Former first lady Tseng Wen-hui (曾文惠) yesterday testified against two former lawmakers who accused her of fleeing Taiwan with suitcases stuffed with embezzled cash after her husband's party lost a presidential election two years ago.
Tseng -- the wife of former president Lee Teng-hui (
"My client categorically denies the allegations. She said she would never do anything to betray this land and its people," her attorney said.
The 77-year-old Tseng told the court she was at home watching television on March 19, 2000 -- not flying to New York. She said she also spent the following days at home, the TVBS station reported.
Tseng has filed a slander lawsuit against the two former New Party lawmakers Elmer Fung (
The pair have claimed the former first lady traveled to New York carrying US$85 million in cash on March 19 but that she was denied entry by New York customs agents.
Tseng yesterday reportedly told the court that except for March 21, when the whole family visited her son's grave since it was the 20th anniversary of his death -- she stayed at home between election day and March 23. She said she was busy preparing to move out of the presidential residence and that she also spent the time watching television coverage of the election.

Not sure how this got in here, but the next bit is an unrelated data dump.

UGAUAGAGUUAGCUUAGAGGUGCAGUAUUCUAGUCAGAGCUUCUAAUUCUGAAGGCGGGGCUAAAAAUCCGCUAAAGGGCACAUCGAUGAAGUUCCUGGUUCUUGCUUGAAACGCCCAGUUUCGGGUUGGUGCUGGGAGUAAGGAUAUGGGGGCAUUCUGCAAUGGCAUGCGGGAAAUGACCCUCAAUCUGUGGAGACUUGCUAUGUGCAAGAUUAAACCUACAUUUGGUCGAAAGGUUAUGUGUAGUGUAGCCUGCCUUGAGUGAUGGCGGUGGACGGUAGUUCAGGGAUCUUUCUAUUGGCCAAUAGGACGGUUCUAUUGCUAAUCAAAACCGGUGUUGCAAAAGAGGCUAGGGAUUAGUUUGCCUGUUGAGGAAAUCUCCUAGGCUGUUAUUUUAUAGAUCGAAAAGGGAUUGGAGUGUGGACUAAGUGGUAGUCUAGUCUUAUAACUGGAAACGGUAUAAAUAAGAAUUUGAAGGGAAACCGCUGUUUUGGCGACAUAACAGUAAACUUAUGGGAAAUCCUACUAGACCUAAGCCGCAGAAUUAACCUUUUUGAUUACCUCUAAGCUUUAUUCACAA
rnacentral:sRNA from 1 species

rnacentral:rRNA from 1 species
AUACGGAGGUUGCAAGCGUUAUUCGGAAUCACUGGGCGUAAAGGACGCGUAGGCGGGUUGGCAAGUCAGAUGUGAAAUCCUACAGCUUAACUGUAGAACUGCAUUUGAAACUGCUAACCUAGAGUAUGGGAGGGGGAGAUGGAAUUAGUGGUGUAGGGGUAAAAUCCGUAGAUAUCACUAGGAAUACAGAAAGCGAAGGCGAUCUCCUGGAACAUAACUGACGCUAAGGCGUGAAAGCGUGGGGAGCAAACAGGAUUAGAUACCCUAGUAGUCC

March 23 was Tseng's first public appearance after the elections, when she was seen playing golf.
Yesterday was the first time a former first lady appeared in court. Tseng was accompanied by 24 people and a special visitor's area was created for her entourage. Tseng was also given access to two adjacent courtrooms so that she could rest before the hearing began.
The heavily-guarded courtroom was packed with supporters from both sides who traded insults before the hearing began.
Tseng's supporters yelled, "Go back to China," to the backers of the two pro-unification lawmakers.
The court hearing lasted more than six hours and at one point Tseng broke down in tears from exhaustion, TVBS cable news said.
After listening to Tseng's arguments, Hsieh -- a former judge -- said that Tseng has yet to clear doubts that she could have fled to the US with suitcases full of cash.
"For three-and-a-half days no one saw Tseng. Eighty-eight hours is plenty of time to fly to New York and come back," Hsieh said.
Fung said he first made the information public because other lawmakers had heard the same rumors about Lee's wife and that as a public representative he needed to raise the accusations.
Fung and Hsieh lost their legislative seats in elections last December. A verdict is expected on March 26.